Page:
According to our knowledge, the present study is the first report on kinetics of As uptake and accumulation by H. erinaceus, an edible mushroom species revealing therapeutic properties [31]. Importantly, the increase in total As content was observed only when cultivation was maintained at an initial metalloid concentration of over 0.2 mM. When the substrate was treated with high As levels, H. erinaceus had a general tendency to accumulate the inorganic form. The highest reported concentration of inorganic As exceeded 7.0 mg kg−1 DW, and despite slightly decreased biomass, the mushroom maintained its growth. If one considers the withdrawn PTWI which was set at 15 µg of As per body weight, the consumption of 100 g of such a food product by a person of 60 kg would represent over 77 % of PTWI delivered only by inorganic metalloid species. Therefore, it is crucial to control As content in substrates used for cultivation to produce safe food, especially for products of potential medical use.

Species of the Pleurotus genus have been demonstrated to synthesize lectins mitigating the As-induced oxidative stress in mammals [32]. However, fruiting bodies of these mushrooms may have such (and any other) biopharmaceutical use only if their biomass is not contaminated with As. The present study clearly demonstrates that from the tested species, P. e ryngii and P. ostreatus possess the highest ability to accumulate As available in the substrate. The former accumulated As mostly in the organic form despite the total inorganic content, mainly in the form of As(V), increased with the substrate As concentration and exceeded 8.0 mg kg−1 DW for the highest assayed metalloid level. Increase in As(V) uptake was likely a cause of lower biomass production. The greatest retardation of growth (or its complete cessation) was, however, observed for P. ostreatus. Both strains accumulated very high inorganic As content, up to 30 mg kg−1 DW, which in the case of a 60-kg weight person would represent over 330 % of PTWI if 100 g of fruiting bodies were consumed. Importantly, the inorganic As content was largely increased in both strains even after as little as 0.1 mM of each studied form was added to the substrate, indicating a high ability of P. o streatus to bioconcentrate As from the ambient environment. It was, however, reported that cultivated P. o streatus and P. e ryngii contain significantly lower As levels, but none of these investigations described the chemical characteristics of the substrate [20, 33]. These mushroom species, particularly P. o streatus, can therefore be considered as those requiring ‘special care’, where the purity of the substrate is essential for production of a safe food product.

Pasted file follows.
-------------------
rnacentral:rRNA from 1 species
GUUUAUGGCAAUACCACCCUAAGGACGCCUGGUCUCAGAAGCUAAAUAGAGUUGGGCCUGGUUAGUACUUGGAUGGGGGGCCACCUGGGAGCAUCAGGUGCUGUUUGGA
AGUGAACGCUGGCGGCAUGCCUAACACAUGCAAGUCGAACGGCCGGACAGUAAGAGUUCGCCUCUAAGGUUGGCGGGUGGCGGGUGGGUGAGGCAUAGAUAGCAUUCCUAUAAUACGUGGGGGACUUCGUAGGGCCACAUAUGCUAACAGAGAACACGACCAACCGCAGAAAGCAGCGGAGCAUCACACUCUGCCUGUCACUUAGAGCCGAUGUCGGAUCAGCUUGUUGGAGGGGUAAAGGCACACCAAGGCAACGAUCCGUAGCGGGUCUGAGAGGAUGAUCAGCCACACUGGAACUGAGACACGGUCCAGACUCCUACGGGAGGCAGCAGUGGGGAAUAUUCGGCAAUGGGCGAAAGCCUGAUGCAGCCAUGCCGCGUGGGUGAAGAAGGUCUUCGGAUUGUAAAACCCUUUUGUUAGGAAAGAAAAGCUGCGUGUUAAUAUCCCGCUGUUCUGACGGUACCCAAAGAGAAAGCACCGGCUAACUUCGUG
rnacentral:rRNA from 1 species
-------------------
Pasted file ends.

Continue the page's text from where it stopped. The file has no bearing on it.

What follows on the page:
Quality of a cultivated species requires control of the cultivation substrate. For example, wheat, often used as a substrate, may accumulate high As contents when growing at As-contaminated sites [24, 34, 35], so it is crucial to grow wheat on soils with no significant As levels to exclude the possibility of further As biotransfer and risk of human exposures to relevant concentrations of As.

Conclusions

The present study demonstrates the importance of substrate quality in production of safe fungi for human food. As found, interspecific differences in As uptake and form of the metalloid accumulated in fungal tissue were observed. Generally, inorganic As considered as the most threatening to human health, decreased in the following order: P. ostreatus > P. e ryngii > H. e rinaceus > A. b isporus. The greater the inorganic levels of As were taken up and accumulated, the more significant growth retardation and decrease in fruiting biomass were the observed.

Notes

Acknowledgments

The authors gratefully acknowledge the financial support by the Poznan University of Life Sciences research project “Biologically active organic compounds—synthesis, properties and analysis” (# 508.472.00), Faculty of Wood Technology, Poznań University of Life Sciences.

Compliance with ethical standards

Conflict of interest

None.

Compliance with Ethics Requirements

This article does not contain any studies with human or animal subjects.

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© The Author(s) 2015

Open AccessThis article is distributed under the terms of the Creative Commons Attribution 4.0 International License (http://creativecommons.org/licenses/by/4.0/), which permits unrestricted use, distribution, and reproduction in any medium, provided you give appropriate credit to the original author(s) and the source, provide a link to the Creative Commons license, and indicate if changes were made.

Authors and Affiliations

  • M. Mleczek
    • 1
    Email author
  • P. Niedzielski
    • 2
  • M. Siwulski
    • 3
  • P. Rzymski
    • 4
  • M. Gąsecka
    • 1
  • P. Goliński
    • 1
  • L. Kozak
    • 2
    • 5
  • T. Kozubik
    • 1
  1. 1.Department of ChemistryPoznan University of Life SciencesPoznańPoland
  2. 2.Faculty of ChemistryAdam Mickiewicz University in PoznańPoznańPoland
  3. 3.Department of Vegetable CropsPoznan University of Life SciencesPoznańPoland
  4. 4.Laboratory of Environmental ResearchPoznan University of Medical SciencesPoznańPoland
  5. 5.Department of Food, Nutrition and Food Contact MaterialsPoviat Sanitary and Epidemiological StationPoznańPoland